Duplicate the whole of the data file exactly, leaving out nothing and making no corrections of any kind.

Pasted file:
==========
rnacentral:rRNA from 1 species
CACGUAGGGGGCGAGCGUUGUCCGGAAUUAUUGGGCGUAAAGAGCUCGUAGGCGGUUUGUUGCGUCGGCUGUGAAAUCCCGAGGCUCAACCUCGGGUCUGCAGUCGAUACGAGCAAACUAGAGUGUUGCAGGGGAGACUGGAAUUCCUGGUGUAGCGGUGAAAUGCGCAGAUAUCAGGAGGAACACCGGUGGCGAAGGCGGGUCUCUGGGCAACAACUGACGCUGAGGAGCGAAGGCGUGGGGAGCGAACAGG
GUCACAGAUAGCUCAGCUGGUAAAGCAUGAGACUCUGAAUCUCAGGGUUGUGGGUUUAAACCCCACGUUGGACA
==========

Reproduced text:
rnacentral:rRNA from 1 species
CACGUAGGGGGCGAGCGUUGUCCGGAAUUAUUGGGCGUAAAGAGCUCGUAGGCGGUUUGUUGCGUCGGCUGUGAAAUCCCGAGGCUCAACCUCGGGUCUGCAGUCGAUACGAGCAAACUAGAGUGUUGCAGGGGAGACUGGAAUUCCUGGUGUAGCGGUGAAAUGCGCAGAUAUCAGGAGGAACACCGGUGGCGAAGGCGGGUCUCUGGGCAACAACUGACGCUGAGGAGCGAAGGCGUGGGGAGCGAACAGG
GUCACAGAUAGCUCAGCUGGUAAAGCAUGAGACUCUGAAUCUCAGGGUUGUGGGUUUAAACCCCACGUUGGACA